Speaking to a group of high school students, Chet W. Sisk hopes to broaden their perspectives of the world and of themselves.
“We have to talk about the future, but we have to talk about it as it applies to their decisions right now,” he said.
Sisk deems himself a “social futurist.”
“We basically look to see how [technology] affects people,” he said. “What will happen in the future as it affects people as opposed to just technology?”
Looking towards the future, though, isn’t just a concept that applies to technological advancement. Sisk and a number of others think it should apply to Black History Month too.
“During Black History Month, we’ll talk about Frederick Douglas, Martin Luther King,” he said. “But the real key is are we developing levels of vision? Who are we going forward?”
Sisk is part of the movement to support Black Future Month. People and groups across the country have been sharing the concept. It focuses on looking forward while, at the same time, honoring the African Americans who pushed for equality and made history.
“We do stand on the shoulders of great people,” Sisk said. “But I would imagine those great people are asking ‘OK, what are you doing with that?’”
Elaborating on Black Future Month, Sisk points to people who are currently working to make a difference. He says sharing their stories can help today’s youth realize that they can be difference-makers in the world too.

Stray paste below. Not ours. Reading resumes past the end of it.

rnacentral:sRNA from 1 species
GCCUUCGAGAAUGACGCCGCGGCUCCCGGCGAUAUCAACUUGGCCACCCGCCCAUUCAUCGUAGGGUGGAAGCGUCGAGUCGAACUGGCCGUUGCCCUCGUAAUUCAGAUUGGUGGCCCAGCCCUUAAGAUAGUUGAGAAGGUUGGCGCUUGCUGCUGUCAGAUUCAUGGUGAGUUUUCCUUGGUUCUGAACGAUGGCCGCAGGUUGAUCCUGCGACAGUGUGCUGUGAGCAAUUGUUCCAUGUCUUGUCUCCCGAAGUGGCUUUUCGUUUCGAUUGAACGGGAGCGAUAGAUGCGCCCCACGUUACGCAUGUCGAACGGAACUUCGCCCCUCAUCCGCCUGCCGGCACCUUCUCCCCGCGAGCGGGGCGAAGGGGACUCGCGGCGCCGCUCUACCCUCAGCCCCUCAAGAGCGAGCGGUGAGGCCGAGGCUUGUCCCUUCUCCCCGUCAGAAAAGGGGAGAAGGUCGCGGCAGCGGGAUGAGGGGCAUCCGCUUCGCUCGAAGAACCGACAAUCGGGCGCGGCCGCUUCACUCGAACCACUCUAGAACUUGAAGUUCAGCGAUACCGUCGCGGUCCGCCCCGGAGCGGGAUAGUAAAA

He points to people like Kimberly Bryant, creator of Black Girls Code. The program aims to provide opportunities for African American girls to begin learning computer programming and technology skills. Sisk likens Bryant to a modern-day Madam C.J. Walker. Walker was the first self-made American woman millionaire, as documented by the Guinness Book of World Records. She was the daughter of former slaves who sought to create opportunities for herself.
“[Walker] was constantly talking about entrepreneurship,” Sisk said, drawing a parallel between Walker and Bryant. “Truly, the foundation or the basics for entrepreneurship in the next few years ... is basic programming and coding knowledge.”
Those who support Black Future Month hope it leads to better futures for minority youth, which, in turn, could lead to a better world.
“We’re saying this is your future and it’s more than just what career you’re going to go into,” Sisk said. “It’s more about what kind of person will you be going forward in a world that demands the greatest of you.”